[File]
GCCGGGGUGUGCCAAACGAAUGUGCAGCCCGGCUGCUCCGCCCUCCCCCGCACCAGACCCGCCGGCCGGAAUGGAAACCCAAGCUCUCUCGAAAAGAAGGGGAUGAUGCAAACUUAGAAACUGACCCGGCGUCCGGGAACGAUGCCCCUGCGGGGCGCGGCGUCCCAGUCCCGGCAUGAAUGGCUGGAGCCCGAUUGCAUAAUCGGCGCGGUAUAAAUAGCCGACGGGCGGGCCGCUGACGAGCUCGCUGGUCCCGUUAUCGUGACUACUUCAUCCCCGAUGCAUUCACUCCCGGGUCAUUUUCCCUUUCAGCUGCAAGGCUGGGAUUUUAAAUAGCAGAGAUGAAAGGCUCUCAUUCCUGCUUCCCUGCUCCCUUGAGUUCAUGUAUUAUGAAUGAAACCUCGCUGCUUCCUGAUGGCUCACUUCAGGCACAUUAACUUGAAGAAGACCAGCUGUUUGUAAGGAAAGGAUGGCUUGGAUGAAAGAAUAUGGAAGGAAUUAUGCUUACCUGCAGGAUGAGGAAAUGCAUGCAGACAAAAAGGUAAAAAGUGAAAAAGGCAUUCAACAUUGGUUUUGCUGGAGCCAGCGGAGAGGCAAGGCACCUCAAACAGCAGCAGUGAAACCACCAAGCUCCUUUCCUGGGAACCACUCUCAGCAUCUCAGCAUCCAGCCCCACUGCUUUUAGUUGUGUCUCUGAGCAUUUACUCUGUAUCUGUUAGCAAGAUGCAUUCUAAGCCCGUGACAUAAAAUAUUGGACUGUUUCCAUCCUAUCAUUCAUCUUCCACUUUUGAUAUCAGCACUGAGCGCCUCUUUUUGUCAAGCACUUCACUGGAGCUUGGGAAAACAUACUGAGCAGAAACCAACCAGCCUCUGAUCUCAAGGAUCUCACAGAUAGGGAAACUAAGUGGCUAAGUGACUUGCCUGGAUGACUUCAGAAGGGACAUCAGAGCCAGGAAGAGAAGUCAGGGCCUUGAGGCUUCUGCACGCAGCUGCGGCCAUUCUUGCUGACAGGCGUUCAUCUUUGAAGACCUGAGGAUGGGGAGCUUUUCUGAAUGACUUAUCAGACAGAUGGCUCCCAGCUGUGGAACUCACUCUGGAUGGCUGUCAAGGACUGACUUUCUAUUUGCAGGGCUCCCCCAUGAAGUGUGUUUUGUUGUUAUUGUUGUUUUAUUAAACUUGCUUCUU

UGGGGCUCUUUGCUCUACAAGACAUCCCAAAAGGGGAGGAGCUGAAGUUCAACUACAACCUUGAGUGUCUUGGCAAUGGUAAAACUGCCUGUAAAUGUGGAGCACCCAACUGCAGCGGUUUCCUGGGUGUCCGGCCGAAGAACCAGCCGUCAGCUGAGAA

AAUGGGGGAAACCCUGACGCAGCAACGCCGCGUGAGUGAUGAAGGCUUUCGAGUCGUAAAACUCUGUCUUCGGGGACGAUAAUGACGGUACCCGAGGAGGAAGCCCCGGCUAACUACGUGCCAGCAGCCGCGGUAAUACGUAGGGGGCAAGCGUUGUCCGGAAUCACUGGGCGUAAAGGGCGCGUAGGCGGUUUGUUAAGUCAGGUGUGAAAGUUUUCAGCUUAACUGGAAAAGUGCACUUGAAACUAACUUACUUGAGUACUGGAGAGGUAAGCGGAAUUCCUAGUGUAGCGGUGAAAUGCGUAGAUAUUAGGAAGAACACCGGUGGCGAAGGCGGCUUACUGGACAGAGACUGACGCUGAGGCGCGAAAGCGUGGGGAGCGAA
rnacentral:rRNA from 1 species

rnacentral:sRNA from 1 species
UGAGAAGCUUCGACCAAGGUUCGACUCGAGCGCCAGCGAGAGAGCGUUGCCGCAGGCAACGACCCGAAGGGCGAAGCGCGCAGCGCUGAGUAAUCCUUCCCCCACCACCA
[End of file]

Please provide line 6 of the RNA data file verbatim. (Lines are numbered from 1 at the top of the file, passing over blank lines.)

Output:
UGAGAAGCUUCGACCAAGGUUCGACUCGAGCGCCAGCGAGAGAGCGUUGCCGCAGGCAACGACCCGAAGGGCGAAGCGCGCAGCGCUGAGUAAUCCUUCCCCCACCACCA